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I'm currently working on a project with a partner where we analyze large datasets of past sporting events. There are approximately 30,000 events per year and we have historical data for five years. Thus, we're looking at analyzing 150,000 events.

I wrote our first version in Python with a heavy reliance on Pandas (great tool, by the way). However, each time I add a "factor" or calculation to the process it slows down by quite a bit. Simply put, it can read all the various data files and data queries we need at a rate of 25-events-per-second.

The problem is once I start working with the data, it drops fast. If I add a simple calculation, it drops to 24... and each calculation after that it drops again.

With just 10-12 "factors" calculated from the data (we're not talking complex loops or anything crazy), it's now down to 6-events-per-second. ... and we're barely scratching the surface. At this rate, it'll take this thing days to work through all 150k events!

I've optimized our data queries, flat file reads etc. Those really aren't the issue. I can live with doing 15-20 events per second. However, I can't live with such drastic slowdowns each time a new factor calculation is added.

I've read a lot where Python as an interpreted language is slow etc., but my question to the experts out there - what language should this project be done in?

EXAMPLE...

One of the key "DataFrames" I am using through Pandas is fairly large. 350 rows x 70 columns, as an example. Even when trying to simply multiply one column's value by another...

 data['value'] = data['col1'] * data['col2']

...I see what I could consider significant drop in performance. It's very puzzling, and very frustrating. I understand this is a large set of data, but I can't believe this is anything so crazy that Python would be slowing to a crawl.

If I just read the data files and do no calculations on them at all, it reads 67 events in 2.807 seconds. If I add one simple calculation where I execute code like the example above, it slows to 2.877 seconds. Based on our research, we're needed to add upwards of 100 calculations on the data.... so 7 seconds worth of slowdown? Seems too hard to believe.

  • Did you try Psyco? psyco.sourceforge.net/introduction.html I don't know if it works with Pandas, but it may be worth a try. – Doc Brown Feb 7 '14 at 16:32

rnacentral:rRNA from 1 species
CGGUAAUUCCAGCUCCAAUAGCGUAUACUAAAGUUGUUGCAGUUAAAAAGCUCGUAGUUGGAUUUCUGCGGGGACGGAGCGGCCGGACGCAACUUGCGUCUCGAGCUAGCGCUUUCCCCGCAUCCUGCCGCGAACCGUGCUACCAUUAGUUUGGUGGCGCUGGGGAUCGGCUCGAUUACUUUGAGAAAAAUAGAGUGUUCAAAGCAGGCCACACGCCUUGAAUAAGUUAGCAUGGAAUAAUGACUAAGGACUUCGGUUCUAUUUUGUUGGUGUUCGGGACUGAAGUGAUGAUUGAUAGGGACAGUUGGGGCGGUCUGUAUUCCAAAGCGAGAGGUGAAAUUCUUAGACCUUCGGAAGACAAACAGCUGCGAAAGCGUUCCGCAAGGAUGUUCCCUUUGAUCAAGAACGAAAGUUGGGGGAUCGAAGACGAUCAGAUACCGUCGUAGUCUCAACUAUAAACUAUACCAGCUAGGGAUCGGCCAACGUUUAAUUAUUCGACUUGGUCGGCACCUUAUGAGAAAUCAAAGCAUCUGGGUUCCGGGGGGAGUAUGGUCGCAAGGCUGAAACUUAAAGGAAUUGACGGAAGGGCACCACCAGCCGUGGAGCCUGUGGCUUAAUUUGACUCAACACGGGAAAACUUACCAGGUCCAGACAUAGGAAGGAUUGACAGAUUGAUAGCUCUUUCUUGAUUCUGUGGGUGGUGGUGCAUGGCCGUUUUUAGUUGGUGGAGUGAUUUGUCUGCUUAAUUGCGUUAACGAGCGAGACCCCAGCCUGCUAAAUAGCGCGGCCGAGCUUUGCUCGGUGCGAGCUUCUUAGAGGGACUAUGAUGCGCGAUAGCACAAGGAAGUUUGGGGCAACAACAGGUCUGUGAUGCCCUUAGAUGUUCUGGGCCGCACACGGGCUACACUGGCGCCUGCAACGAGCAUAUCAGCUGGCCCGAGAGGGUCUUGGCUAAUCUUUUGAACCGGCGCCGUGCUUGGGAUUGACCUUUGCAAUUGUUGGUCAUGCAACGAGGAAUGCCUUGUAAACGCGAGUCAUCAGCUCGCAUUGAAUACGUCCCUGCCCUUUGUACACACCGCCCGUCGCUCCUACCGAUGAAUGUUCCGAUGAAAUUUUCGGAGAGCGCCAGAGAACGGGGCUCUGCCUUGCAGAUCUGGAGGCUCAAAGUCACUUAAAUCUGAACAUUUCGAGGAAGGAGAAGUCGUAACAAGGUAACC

• I'm using Python 2.7... I believe Psycho is for 2.5 or earlier. Thanks though. – TravisVOX Feb 7 '14 at 17:08
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    PyPy supposedly can provide some good speedups due to taking better advantage of your hardware – Izkata Feb 7 '14 at 17:16
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    Have you considered something more specialized such as R (r-project.org)? But, if you are going to stick with a general purpose language, I'd be suprised if the language itself was the actual bottleneck here. It sounds like this is all with flat files. If thats the case, I'd profile your file reads to make sure thats not whats slowing things. – GrandmasterB Feb 7 '14 at 20:55
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    I use Python Pandas with Gigabyte sized files and complex calculations with no speed issues,, something is strange and there is not enough here to diagnose the issue. – dartdog Feb 8 '14 at 18:49
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I work on a platform that uses Python for testing and executing market data. For just the equity pricing there are roughly ~98,000 events for each equity per year, so when dealing with an individual stock have a similar profile for our data sets.

(The aforementioned platform is Quantopian, https://quantopian.com.)

We also use pandas for the majority of our data structures, and though it is tough to really compare without also comparing the machines used, the number of calculations done per event... we are able to process a few orders of magnitude more events per second; so there may not be reasons to give up on pandas, yet.

(The backtester used by our site is opensourced, https://github.com/quantopian/zipline if you'd like to see how we use pandas throughout; of course, we still have bottlenecks to hammer out, too!))

From what I can see with how you are using your data set, this tip may help.

If possible, avoid writing your calculations back into your dataset DataFrame.

A corollary to that is, if possible, avoid indexing in inner loops.

While powerful and expressive, the indexing of a DataFrame has a performance penalty; much like accessing into a Python dictionary will create a lookup penalty.

Writing the data into the DataFrame will be more expensive. So if your program can just use the Series that is returned by multiplying those two columns, you may see some benefit from assigning that Series to its own variable instead of putting it back into the DataFrame.